by Susanne Posel
A new study entitled, “Disrupted Development: the Dangers of Prenatal BPA Exposure”, released by the Breast Cancer Fund (BCF) confirmed that bisphenol A (BPA) must be removed from all bottles and packaging because of the evidenced risk to children and babies in utero.
According to the study, babies are exposed in the womb by mothers who consume BPA. This is quite dangerous to the development of the unborn baby within the first 11 weeks of life because “everything is being developed”.
The study cites more than 60 animal and human studies wherein BPA is shown to cause:
• Breast cancer
• Prostate cancer
• Early puberty
• Neurological disorders
• Immune system compromises
Sharima Rasanayagam, director of science at the BCF and co-author of the study explained: “The report summarizes more than 60 peer-reviewed animal and human studies on prenatal BPA exposure, many of which demonstrate increased risk for breast cancer, prostate cancer, metabolic changes, decreased fertility, early puberty, neurological problems and immunological changes. It also explores why the developing fetus is particularly sensitive to the effects of BPA—especially during the first 11 weeks of pregnancy, when many women don’t yet know they’re pregnant.”
In June, a study published showed that BPA can be linked to causing obesity in pubescent girls.
Taking samples of urine from 1,326 girls and boys between the ages of 9 and 12, researchers discovered that BPA levels were higher in those girls who were overweight. The findings were not show to be true of the boys tested.
Shockingly, as little as 2 micrograms per liter of BPA found in the young girl’s system was twice as likely to cause obesity when compared to girls whose BPA levels were below “normal”.
Dr. Di-Kun Le, lead author of the study and reproductive and perinatal epidemiologist at the Kaiser Permanente Division of Research, said: “Animal (studies) started to show that BPA can impact metabolic processes, which often leads to obesity and diabetes. So we decided to look at it (in humans).”
Le concluded that because BPA affects the endocrine system, exposure to this chemical is directly contributing to the global obesity issue because BPA “is an endocrine disrupter and acts similarly to the hormone estrogen, which impacts metabolic function.”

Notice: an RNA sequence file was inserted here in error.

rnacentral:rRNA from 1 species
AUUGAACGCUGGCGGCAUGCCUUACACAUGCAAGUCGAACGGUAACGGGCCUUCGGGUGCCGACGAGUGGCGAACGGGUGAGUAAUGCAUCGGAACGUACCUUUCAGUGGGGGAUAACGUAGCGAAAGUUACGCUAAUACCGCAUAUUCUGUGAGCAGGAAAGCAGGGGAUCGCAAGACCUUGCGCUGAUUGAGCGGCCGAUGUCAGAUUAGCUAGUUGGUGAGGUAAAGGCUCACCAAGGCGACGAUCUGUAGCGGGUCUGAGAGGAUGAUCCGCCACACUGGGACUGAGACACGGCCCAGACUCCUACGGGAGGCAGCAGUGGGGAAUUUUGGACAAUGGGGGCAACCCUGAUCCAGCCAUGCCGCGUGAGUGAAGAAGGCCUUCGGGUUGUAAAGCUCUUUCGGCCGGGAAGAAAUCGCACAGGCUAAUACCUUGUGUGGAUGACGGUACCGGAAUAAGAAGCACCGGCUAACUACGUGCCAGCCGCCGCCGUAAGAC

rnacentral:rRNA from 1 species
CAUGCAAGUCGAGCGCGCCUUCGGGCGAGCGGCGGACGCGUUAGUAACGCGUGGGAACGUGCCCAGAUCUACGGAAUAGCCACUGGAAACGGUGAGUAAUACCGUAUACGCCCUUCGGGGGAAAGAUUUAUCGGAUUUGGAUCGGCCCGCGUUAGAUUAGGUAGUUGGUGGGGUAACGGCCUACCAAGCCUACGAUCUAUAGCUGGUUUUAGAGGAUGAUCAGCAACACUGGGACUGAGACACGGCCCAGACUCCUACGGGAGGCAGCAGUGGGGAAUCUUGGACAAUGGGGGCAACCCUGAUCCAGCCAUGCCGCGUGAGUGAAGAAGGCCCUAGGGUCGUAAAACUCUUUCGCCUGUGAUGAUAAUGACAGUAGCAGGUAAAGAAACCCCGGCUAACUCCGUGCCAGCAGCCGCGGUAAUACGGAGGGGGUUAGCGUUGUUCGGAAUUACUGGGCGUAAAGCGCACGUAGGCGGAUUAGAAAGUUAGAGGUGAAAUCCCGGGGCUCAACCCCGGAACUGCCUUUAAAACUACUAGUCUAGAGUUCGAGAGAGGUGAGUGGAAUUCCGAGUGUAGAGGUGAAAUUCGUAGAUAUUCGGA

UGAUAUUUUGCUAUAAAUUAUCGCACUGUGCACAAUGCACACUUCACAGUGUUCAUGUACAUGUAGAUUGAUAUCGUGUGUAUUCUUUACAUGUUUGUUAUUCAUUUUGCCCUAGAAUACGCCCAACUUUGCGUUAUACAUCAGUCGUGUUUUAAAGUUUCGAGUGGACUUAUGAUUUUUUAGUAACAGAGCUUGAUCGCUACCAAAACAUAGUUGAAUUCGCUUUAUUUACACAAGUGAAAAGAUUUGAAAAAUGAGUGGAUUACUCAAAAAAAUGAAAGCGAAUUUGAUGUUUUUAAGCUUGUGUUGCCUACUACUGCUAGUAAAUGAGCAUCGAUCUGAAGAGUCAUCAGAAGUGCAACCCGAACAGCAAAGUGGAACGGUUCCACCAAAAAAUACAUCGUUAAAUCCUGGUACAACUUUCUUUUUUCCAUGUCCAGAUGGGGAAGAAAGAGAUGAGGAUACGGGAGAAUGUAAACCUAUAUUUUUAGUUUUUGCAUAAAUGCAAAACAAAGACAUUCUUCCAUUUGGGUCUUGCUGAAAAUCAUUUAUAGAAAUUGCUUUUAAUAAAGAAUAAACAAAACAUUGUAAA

Le explained: “Overeating a little won’t cause obesity, but (by) having this kind of endocrine damage without knowing it, and adding more food, the consequences are magnified.”
In 2012, the New York University of Medicine (NYUM) reported that packaged food is directly correlated to the obesity levels rising in American children because of their exposure to BPA.
According to the National Health and Nutrition Examination Survey from 2003, 92.6 % of children 6 years and older had obviously measurable levels detected in tested urine.
The study also concludes that BPA disrupts other multiple metabolic mechanisms.
BPA has been identified as causation for recent early pubescent development in our children. Between the ages of 5 – 7 is the new average pubescent age, wherein this physiological change used to occur several years later just a generation ago.
BPA is a highly toxic estrogen accelerator that is used in all plastic products commercially produced. The chemical mimics natural estrogen when leeched into the body. It offsets natural estrogen levels, causing the body to hasten its pubescent generation. Nearly all children are exposed to this chemical through plastic toys, pacifiers, bottles, sippy cups. Its influence on natural hormone distribution within the body has proven to be incredibly damaging.
GlobalData surmised that manufacturers would produce 4.7 million metric tons of BPA to be used in plastics worldwide.
While the Food and Drug Administration (FDA) has banned its use in certain children’s products, it is widely used in packaging processed foods. In fact, the FDA claims that there is not enough convincing evidence to support the banning of BPA from use in food products, plastic packaging and personal care products. The FDA also asserted that there is insufficient scientific proof to justify restricting BPA’s use.
Other chemicals linked to obesity in humans are:
- Monosodium glutamate (MSG)
- Pthalates (used in plastics)
- PFOA (used in Teflon) also are harmful to the human immune system, liver and thyroid
- Corn fed cows has higher levels of saturated fat in their beef
- Arsenic (fed to pigs and chickens) affects the thyroid gland
- Pharmaceuticals and medications in public water supplies negatively affect the natural chemical make-up of our bodies